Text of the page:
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Long drinks better than short for thirsty plants

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By Cheryl Steenerson

Caliente. Heiss. Chaud. Het.
Those are just a few other words that mean hot in Spanish, German. French and Norwegian (I couldn’t resist).
I just thought you’d like a few other terms to use while we’re sweating bullets in this heat. Even I think it’s hot, and that takes some doing.
I bet many of you are thanking your lucky stars that you mulched the garden. If you mulched some things and not other, you’ll see a big difference in how the plants are handling the heat. If you didn’t mulch at all and continue to till or pull weeds, it’s not too late to change your mind. Layers of newspaper, covered in straw, go a long way to keep moisture in the soil.
A little shade can be put up as well. A makeshift canopy or tarp that relieves some of the afternoon sun from the garden will help as well.
Just as we need plenty of water to stay hydrated in this heat, so do our plants.  I drink at least a gallon of water a day in this heat.
Our plants need at least an inch of water a week, but with this heat, I’d say more.
Water plants in the early morning, before the sun gets too hot. A long drink is better than short shots. A long drink is letting the hose run there for 15 minutes. Flood the area if you can. Frequent short waterings just give you shallow roots that dry out quicker than the deep ones.
Now is the time to give your tomato plants calcium. You can use eggshells or oyster shells that you get at the farm store. Work a few tablespoons into the topsoil around the plant and water well. This will help prevent blossom end rot later on.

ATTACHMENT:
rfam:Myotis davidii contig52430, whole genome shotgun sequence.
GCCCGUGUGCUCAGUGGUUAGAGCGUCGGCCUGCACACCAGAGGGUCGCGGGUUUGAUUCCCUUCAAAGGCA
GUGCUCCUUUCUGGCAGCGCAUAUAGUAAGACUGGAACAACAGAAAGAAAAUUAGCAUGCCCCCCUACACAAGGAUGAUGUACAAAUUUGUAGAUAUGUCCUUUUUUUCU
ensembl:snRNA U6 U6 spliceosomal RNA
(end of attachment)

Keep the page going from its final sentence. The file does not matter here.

Speaking of tomatoes, some scientists revealed interesting news last week. Years ago, heirloom tomatoes used to get red ripe, but still have some dark green on the shoulders. Hybrids eventually got rid of that trait, but now scientists have found that those green shoulders are flavor savers. So, if you see heirlooms on the market, with a little dark green on the top, those are flavorful tomatoes.
Just cut the green off.
If you have some time after watering everything, there are other things on the July to-do list.  Check your bean leaves for holes and the caterpillar that’s causing them. Dust with baby powder every 10 days to keep them from eating your plant.
Cucumber beetles are also out and the cause of sudden wilting and death of a cucumber, cantaloupe and melon plants. Dust with baby powder. Keep an eye on your squash plants now. If you see some gray mold around the flowers, remove what you can and improve the air circulation around the plant. It’s the weather that causes this stuff and the squash will rot on one end.
I took some days off last week to pick berries and plant the fall garden. It was Het. I’m delaying planting the bottom bed that I reserved for fall crops. I have to hand carry the water down there.
The little house garden has hose access, but I’m still going to wait a week to put stuff in the ground. No sense stressing out plants even more. We’ll have time. I’m planting broccoli, cauliflower, cabbage and more potatoes.
With the stress of the heat putting our plants through the ringer, don’t forget to give them a dose of chamomile tea. This gives plants a healthy boost, which helps them deal with pests and disease. Steep five bags in a gallon of water and give each plant a cup, or spray the plant in the early morning.
Now, get out pen and paper and write yourself a big note to post on the refrigerator. Write “Count the number of fogs in August.” The number of fogs in August portends the number of big snow dumps we’ll have in winter. Just thinking about snow now might even cool you off a little. I think I’ll make my own with some watermelon and ice cubes in the blender. Snow cones, anyone?
Happy growing.

Cheryl Steenerson is a gardening columnist for The Anderson News.